Iona is a holy isle and has been described as the birthplace of Christianity in Scotland. St Columba and 12 companions came here from Ireland in AD 563. The monastery they founded was one of the most important and influential in the British Isles. It sent missionaries to northern Britain to convert people to Christianity.
Columba’s fame has brought pilgrims to Iona since the 7th century. Visitors still follow a route similar to the Sràid nam Marbh (‘Street of the Dead’) taken by pilgrims of old. But it now ends at a 13th-century abbey, which stands on the site of Columba’s church.
Four tall, intricately carved crosses, dating from the 8th and 9th centuries, once stood close to the abbey. Three can now be seen in the Abbey Museum, while one is still in place. Iona was a leading artistic centre from the 8th century, and sculptors, metalworkers and manuscript illuminators flourished here.
The small graveyard of Reilig Odhráin is the final resting place of local clan chieftains and ‘Kings of the Isles’. It has been used as a graveyard into recent times. When the graveyard was extended in the 1970s, important evidence was found of timber buildings associated with the Columban monastery.
Iona’s spiritual life continues today, through the work of the Iona Community.
The island of Iona seems remote today. But it was at the centre of the life of the Irish Church, as it was easily accessible by boat from mainland Ireland and Scotland. Iona became an internationally renowned centre of spirituality, learning and art.
The only visible remains of Columba’s monastery are:
- the great vallum (earthen bank) that enclosed the holy site and which pre-dates the monastery
- Tòrr an Aba (‘Hill of the Abbot’) where Columba is said to have had his writing hut
Iona is a rich archaeological landscape, and much more of the early monastery may survive beneath the upstanding remains.
St Columba’s Shrine, a small stone building beside the door to the abbey church, may date from the 9th or 10th century. By this time, Viking raids blighted the coasts of the British Isles, and raids on Columba’s monastery were a frequent occurrence.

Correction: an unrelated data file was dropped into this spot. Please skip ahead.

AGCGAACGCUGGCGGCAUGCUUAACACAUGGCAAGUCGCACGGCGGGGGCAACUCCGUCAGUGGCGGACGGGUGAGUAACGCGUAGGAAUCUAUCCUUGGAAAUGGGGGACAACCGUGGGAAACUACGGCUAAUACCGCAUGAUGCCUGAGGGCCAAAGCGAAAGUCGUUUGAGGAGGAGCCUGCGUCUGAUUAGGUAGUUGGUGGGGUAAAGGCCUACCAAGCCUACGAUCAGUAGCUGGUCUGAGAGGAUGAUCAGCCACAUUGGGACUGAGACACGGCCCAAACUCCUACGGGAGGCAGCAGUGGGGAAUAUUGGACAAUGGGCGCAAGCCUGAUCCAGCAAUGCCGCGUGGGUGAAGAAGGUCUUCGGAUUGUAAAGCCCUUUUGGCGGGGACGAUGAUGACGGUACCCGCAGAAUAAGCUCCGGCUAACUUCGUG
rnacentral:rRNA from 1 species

Early in the 9th century, some of the saint’s relics were taken for safekeeping to Dunkeld in Perthshire, and Kells in Ireland. The famous Book of Kells, now on display in Dublin, was probably made on Iona.
A place of pilgrimage
Iona has been an important place of pilgrimage throughout history and remains so today. Its architecture reflects the great political and economic importance of pilgrims: the monastic economy depended on Christians drawn to Iona by the sanctity of St Columba.
To aid pilgrimage, the church and abbey:
- would have been harled – covered in thick white render – and thus easy to see from a distance
- were laid out to receive and direct around the site the many visiting Christians who hoped to gain the blessing of the saint
The Benedictine abbey
Somerled, ancestor of the MacDonald Lords of the Isles, became patron of Iona in the mid-12th century. While ‘King of the Isles’, he built St Oran’s Chapel as a family burial place. An Augustinian nunnery was established nearby around the same time.
Somerled’s son Ranald later re-established the old monastery as a Benedictine abbey. This reoriented its patronage away from the Irish Church and towards Europe.